Everyone knows that Tax Time is a Fun Time, right? I mean with getting all of the forms, documents, receipts and” what all” together to prepare our tax forms by the April deadline, what could be more fun? Well, paying no taxes at all would be a lot more fun (improbable as it may be)! Paying fewer taxes on the money we earn is achievable but it takes planning. One easy way to look at this is to separate the “tax-advantaged” investments into two groups. The first group is “now money”. The second group is retirement money. I’ll talk about “now money” first.
Every state has cities that issue municipal bonds. Municipalities use this “loan” to pay for such things as airports, roads, bridges, schools, etc. They borrow this money from investors with a promise to pay it back at some point in the future. In the meantime, they pay interest on the borrowed money. This interest is free of federal tax. It may also be state tax free as well, if the person who owns the bond lives in the state of issuance. If you are a North Carolina resident and you owned $10,000 of North Carolina municipal bonds that paid an interest rate of 3% per year, you would get $300 of income per year from these bonds. Unless you are subject to AMT (Alternative Minimum Tax), you would not have to pay taxes on this income either. If you compare this to earning 3% on a savings account, you can see a significant difference in what you get to keep. Here is how the numbers work out. Three percent of $10,000 is $300. If you are in the 25% federal tax bracket, then you would owe $75.00 in federal taxes on the earnings from the savings account. Which would you rather have, $300 or $225? As part of a diversified portfolio, you could build a position in municipal bonds and benefit from the tax free income that they generate. These bonds are backed by the credit worthiness of the specific municipalities that issued them. So you want to make sure that you are buying quality. Municipal bonds benefit those in higher tax brackets, so you typically would not invest in these if you were in the 15% bracket. Municipal bond offerings are subject to availability and change in price. If sold prior to maturity, municipal bonds may be subject to market and interest rate risk. Bond values will decline as interest rates rise.
Perhaps the easiest way to do this is through the use of a couple of retirement ideas. The first one is the Roth IRA. Participation in a Roth is limited to those individuals that have certain levels of income. To find out if you can participate, go to www.irs.gov and do a search on Roth contribution limits. If you qualify, you can put up to $5000/year (plus $1000 if you are over age 50) in the account. Contributions to a Roth are after tax contributions (as opposed to a traditional IRA or 401k, which are pre-tax in the majority of situations). The advantage to a Roth is that when you start taking income out at age 59 ½ or beyond, the income is free of taxes. If you think that tax rates are only going to go up (and I do), then the more tax free income that you have access to in retirement, the better. Another fact worth noting is that distributions from a Roth do not currently affect taxation of Social Security benefits. That is a good thing.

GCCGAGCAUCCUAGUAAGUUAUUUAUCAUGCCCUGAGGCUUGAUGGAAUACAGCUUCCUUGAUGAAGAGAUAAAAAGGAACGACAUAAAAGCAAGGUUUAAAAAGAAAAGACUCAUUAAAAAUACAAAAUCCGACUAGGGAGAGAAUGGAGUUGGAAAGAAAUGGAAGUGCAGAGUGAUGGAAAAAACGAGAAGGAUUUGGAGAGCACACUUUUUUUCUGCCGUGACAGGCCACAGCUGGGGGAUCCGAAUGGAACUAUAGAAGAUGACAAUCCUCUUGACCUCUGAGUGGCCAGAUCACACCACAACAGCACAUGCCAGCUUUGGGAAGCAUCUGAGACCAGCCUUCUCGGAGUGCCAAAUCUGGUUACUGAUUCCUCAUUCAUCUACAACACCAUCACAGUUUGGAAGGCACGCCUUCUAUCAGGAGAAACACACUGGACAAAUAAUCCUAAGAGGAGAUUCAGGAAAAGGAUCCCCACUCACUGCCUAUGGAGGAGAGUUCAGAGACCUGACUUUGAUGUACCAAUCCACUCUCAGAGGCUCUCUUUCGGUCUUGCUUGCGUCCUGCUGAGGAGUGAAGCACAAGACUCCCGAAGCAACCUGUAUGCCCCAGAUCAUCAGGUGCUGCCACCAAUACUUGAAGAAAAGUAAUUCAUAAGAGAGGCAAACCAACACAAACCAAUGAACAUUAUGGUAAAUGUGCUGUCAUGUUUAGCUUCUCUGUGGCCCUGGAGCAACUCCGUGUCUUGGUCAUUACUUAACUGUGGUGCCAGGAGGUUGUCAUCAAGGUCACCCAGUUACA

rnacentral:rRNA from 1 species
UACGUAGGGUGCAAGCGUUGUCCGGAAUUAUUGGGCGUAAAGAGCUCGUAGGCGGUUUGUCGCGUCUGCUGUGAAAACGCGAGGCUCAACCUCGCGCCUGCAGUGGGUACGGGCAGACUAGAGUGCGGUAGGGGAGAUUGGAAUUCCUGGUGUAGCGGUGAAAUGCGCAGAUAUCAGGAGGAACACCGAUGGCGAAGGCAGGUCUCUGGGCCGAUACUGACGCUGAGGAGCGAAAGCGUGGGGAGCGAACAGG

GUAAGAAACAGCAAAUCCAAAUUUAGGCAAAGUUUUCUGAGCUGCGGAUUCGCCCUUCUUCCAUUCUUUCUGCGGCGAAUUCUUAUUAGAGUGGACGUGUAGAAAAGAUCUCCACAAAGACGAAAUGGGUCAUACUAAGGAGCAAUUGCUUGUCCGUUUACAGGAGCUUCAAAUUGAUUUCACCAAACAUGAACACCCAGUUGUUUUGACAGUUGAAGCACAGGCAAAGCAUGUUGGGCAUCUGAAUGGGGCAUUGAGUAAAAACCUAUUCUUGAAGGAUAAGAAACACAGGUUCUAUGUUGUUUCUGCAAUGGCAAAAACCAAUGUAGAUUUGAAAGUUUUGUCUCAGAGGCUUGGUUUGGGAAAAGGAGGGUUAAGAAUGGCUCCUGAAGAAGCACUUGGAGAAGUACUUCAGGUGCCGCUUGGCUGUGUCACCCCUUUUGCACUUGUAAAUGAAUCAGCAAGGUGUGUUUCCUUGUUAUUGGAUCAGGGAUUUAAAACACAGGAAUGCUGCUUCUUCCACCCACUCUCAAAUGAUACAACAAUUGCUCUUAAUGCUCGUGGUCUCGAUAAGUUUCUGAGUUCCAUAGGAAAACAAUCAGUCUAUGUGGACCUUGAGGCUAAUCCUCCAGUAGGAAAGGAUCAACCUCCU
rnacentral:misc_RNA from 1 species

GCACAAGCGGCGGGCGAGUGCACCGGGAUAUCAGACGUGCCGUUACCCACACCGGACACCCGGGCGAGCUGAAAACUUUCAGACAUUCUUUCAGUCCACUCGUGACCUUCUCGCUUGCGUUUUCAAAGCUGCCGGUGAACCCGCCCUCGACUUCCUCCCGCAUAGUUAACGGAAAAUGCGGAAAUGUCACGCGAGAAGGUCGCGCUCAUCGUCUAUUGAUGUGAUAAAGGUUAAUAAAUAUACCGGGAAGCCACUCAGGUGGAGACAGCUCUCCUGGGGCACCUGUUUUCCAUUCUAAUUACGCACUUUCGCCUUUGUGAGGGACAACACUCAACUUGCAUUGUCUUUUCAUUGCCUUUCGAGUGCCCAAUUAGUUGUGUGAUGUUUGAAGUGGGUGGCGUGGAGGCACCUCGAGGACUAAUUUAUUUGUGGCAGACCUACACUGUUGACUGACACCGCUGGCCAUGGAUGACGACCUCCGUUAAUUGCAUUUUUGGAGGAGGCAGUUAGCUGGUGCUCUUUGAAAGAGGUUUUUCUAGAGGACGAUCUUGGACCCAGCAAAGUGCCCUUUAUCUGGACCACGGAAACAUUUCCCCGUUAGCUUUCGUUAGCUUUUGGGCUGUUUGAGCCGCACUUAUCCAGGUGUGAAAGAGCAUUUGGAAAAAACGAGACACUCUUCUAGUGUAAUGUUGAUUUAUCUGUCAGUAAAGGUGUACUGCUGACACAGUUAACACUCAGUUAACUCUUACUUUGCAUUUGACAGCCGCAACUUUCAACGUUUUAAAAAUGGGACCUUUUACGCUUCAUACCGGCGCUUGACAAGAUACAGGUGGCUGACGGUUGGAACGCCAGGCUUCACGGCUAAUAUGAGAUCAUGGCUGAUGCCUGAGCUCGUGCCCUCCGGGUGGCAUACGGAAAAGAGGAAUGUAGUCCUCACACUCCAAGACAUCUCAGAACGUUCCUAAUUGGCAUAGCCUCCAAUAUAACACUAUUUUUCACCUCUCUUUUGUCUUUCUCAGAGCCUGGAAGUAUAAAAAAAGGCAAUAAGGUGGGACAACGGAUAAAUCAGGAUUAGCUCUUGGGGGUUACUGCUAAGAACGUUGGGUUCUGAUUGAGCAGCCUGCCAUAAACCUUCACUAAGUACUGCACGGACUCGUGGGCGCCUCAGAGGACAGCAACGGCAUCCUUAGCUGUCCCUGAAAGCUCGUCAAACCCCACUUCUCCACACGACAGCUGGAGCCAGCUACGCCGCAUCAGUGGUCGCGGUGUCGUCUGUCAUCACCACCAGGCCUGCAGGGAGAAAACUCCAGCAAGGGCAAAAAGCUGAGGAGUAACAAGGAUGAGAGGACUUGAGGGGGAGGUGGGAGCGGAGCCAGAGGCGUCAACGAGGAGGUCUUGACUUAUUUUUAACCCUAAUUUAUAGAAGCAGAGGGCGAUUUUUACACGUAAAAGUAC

Here is the second part of the retirement ideas. Some 401k plans now have a Roth component. Employees that participate in the company 401k plan can contribute $17,000/yr. and an additional $5,500 if they are over 50 years old. If the employer offers to match up to a certain percent of pay, that adds even more to the employee’s savings. If the plan has a Roth option, then the participant can choose that all of their pay period contributions go into the Roth. However, these Roth contributions will be after tax, not pre-tax like the other 401k contributions. Your advisor may be able to clarify how you should approach this. I believe that most plan participants should consider contributing something to the Roth if they can. It will help you out tremendously in your later years after you reach retirement. Distributions received before age 59 ½ are subject to an early distribution penalty of 10% additional tax unless an exception applies. Roth conversions may not be suitable for all investors.
Derek Carawan is a LPL Financial Advisor and LPL Registered Principal with Carawan Financial Partners, Inc. / Securities offered through LPL Financial/ Member FINRA/SIPC and may be reached at, www.carawanfp.com, 919-870-8181 or email@example.com
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